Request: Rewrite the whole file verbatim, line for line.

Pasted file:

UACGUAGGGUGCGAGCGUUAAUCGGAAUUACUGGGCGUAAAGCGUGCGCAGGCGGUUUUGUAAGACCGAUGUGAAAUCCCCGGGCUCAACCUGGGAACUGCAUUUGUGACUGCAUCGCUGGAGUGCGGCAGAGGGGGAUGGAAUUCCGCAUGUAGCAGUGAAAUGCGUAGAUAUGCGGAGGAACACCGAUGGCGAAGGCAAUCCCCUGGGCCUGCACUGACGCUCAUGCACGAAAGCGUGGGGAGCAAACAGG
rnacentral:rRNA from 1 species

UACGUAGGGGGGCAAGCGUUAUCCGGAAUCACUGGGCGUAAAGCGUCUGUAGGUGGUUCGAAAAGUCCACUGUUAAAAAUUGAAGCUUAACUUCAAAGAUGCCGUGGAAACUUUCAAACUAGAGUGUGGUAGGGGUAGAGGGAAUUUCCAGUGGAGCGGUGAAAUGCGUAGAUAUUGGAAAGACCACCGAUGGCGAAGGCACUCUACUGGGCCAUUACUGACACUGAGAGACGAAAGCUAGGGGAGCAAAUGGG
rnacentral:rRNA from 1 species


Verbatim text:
UACGUAGGGUGCGAGCGUUAAUCGGAAUUACUGGGCGUAAAGCGUGCGCAGGCGGUUUUGUAAGACCGAUGUGAAAUCCCCGGGCUCAACCUGGGAACUGCAUUUGUGACUGCAUCGCUGGAGUGCGGCAGAGGGGGAUGGAAUUCCGCAUGUAGCAGUGAAAUGCGUAGAUAUGCGGAGGAACACCGAUGGCGAAGGCAAUCCCCUGGGCCUGCACUGACGCUCAUGCACGAAAGCGUGGGGAGCAAACAGG
rnacentral:rRNA from 1 species

UACGUAGGGGGGCAAGCGUUAUCCGGAAUCACUGGGCGUAAAGCGUCUGUAGGUGGUUCGAAAAGUCCACUGUUAAAAAUUGAAGCUUAACUUCAAAGAUGCCGUGGAAACUUUCAAACUAGAGUGUGGUAGGGGUAGAGGGAAUUUCCAGUGGAGCGGUGAAAUGCGUAGAUAUUGGAAAGACCACCGAUGGCGAAGGCACUCUACUGGGCCAUUACUGACACUGAGAGACGAAAGCUAGGGGAGCAAAUGGG
rnacentral:rRNA from 1 species